Law of Comparative Advantage
David Ricardo's genius was illustrated in both the practical world of affairs and in the realm of ideas. Disinherited by his wealthy Jewish father for marrying a Quaker at the age of 21, Ricardo and his bride joined the Unitarian church, which at the time was viewed as a radical sect.
Ricardo successfully pursued a career as a stockjobber and then as a loan contractor, and when he was forty-two, his accumulated wealth permitted him to retire from business. Bored with the idle life, he turned his attention to politics and intellectual pursuits. After a hesitant beginning as a writer on economic subjects, Ricardo etched his name on the pages of history by publishing a treatise, On the Principles of Political Economy and Taxation. He was not an accomplished writer, having a heavy-handed, obscure, and abstract style. Nevertheless, the force of his logic almost immediately attracted a close-knit band of gifted if dogmatic disciples.
Ricardo's appeal was based on his ability to cast a wide assortment of serious problems into simple analytical models that considered only a few strategic variables but yielded sweeping conclusions of a very practical nature. One example of Ricardo's penetrating insight concerns the doctrine of comparative costs. Earlier economists had taught that it pays a country to concentrate on the production of those goods it can produce using fewer resources than any other country and to import those goods that can be produced abroad using fewer resources. Ricardo developed the following not-so-obvious implication of this doctrine: under free trade, not all goods are necessarily produced in countries where their absolute production cost (in terms of resources) is lowest. He demonstrated that it could pay a country to import something, even though it could produce the same product with fewer resources at home.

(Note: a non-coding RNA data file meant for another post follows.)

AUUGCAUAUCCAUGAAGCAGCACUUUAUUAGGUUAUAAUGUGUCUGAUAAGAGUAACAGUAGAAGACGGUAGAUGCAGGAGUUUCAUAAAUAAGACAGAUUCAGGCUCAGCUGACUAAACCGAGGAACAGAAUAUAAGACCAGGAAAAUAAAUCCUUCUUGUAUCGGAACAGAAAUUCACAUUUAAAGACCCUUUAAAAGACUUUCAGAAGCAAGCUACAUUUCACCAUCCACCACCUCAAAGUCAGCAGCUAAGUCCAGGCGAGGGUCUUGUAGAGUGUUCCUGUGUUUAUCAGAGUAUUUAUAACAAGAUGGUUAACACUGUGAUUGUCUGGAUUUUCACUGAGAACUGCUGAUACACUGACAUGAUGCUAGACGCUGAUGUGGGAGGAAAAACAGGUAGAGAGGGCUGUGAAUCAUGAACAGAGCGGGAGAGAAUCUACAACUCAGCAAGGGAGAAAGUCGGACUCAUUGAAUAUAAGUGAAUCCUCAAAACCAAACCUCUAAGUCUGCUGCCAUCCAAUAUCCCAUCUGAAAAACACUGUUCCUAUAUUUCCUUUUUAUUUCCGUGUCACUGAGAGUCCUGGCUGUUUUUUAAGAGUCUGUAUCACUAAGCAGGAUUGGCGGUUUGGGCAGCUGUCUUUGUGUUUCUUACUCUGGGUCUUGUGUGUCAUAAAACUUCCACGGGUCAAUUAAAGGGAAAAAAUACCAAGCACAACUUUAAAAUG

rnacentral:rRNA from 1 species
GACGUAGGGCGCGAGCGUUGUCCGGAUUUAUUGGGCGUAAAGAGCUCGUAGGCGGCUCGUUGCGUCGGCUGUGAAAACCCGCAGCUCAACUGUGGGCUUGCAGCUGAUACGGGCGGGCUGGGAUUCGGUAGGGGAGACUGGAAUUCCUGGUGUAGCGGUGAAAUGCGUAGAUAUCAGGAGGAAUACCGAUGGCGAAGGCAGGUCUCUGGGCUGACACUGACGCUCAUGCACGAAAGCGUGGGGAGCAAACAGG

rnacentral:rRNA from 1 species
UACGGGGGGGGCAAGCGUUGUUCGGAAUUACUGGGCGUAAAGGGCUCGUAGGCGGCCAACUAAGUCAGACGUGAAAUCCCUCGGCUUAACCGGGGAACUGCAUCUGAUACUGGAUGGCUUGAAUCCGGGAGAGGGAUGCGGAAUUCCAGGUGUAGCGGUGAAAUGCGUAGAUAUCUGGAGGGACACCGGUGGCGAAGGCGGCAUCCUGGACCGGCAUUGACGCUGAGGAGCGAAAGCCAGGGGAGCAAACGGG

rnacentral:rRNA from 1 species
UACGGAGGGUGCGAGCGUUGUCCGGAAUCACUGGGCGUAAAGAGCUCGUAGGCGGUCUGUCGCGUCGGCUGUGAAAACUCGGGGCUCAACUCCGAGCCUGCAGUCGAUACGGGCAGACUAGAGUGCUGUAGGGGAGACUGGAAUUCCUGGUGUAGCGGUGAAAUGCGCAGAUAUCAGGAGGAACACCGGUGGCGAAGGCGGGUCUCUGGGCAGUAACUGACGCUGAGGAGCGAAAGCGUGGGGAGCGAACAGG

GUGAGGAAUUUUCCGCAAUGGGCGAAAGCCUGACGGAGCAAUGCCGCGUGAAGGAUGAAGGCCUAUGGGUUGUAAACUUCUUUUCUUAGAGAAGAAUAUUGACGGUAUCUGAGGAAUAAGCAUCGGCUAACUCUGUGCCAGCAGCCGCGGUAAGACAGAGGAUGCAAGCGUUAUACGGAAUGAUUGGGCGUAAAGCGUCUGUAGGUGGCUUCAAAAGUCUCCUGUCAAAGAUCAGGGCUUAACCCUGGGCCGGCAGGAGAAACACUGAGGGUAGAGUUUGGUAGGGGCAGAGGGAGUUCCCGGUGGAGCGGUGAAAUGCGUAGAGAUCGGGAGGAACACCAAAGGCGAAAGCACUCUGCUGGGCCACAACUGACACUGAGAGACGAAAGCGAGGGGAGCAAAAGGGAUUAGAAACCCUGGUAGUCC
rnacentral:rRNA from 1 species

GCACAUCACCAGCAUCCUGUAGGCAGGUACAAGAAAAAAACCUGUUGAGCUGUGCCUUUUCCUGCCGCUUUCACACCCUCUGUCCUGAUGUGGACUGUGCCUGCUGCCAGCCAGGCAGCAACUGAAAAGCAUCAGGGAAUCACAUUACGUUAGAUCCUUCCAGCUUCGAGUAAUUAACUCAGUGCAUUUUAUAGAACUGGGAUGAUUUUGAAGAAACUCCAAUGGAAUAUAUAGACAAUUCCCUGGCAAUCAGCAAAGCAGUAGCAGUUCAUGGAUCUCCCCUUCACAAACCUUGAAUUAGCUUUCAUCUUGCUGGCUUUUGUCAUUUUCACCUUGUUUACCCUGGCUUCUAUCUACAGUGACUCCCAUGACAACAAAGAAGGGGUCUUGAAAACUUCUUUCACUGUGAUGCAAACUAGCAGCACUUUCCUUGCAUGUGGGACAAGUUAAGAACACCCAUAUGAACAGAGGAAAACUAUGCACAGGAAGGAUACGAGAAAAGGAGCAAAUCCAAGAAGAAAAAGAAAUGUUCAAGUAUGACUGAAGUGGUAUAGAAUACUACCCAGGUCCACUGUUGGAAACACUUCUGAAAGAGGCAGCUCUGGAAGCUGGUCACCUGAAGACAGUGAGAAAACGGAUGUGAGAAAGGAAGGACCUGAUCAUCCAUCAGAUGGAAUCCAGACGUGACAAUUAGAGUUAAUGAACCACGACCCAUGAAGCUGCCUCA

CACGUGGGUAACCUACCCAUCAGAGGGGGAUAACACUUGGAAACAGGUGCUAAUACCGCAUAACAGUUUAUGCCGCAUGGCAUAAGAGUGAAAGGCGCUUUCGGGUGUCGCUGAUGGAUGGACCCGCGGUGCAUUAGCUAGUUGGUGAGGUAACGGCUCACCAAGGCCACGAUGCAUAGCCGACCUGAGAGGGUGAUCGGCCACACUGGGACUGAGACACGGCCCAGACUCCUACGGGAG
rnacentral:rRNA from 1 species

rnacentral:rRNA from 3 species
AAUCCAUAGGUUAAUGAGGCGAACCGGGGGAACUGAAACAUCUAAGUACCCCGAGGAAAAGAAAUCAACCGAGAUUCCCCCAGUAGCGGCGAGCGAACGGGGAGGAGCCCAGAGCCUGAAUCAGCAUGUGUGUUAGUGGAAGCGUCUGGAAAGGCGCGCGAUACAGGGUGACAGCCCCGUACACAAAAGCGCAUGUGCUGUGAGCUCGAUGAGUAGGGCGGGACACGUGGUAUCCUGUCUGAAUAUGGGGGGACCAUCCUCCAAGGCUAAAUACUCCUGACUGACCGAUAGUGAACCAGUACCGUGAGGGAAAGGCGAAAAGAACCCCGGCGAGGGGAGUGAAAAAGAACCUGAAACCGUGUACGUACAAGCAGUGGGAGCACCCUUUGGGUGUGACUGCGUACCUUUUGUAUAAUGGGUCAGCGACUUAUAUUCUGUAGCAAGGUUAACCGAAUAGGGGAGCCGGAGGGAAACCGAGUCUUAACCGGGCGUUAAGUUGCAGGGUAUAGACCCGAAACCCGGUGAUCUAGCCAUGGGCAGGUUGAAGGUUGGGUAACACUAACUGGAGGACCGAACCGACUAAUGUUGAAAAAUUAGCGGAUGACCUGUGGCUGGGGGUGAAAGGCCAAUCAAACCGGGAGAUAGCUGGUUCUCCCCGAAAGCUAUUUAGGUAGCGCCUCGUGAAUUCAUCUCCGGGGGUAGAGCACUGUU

Ricardo's demonstration rests on the idea of relative efficiency, or comparative costs. Ricardo's principle is developed in greater detail in the Economics Interactive module on international trade, but it is important to note that the core of all free trade arguments harks back to this Ricardian concept. Ricardo's discussion of land rent and his analysis of taxation were also trailblazing works that place modern economists forever in his debt.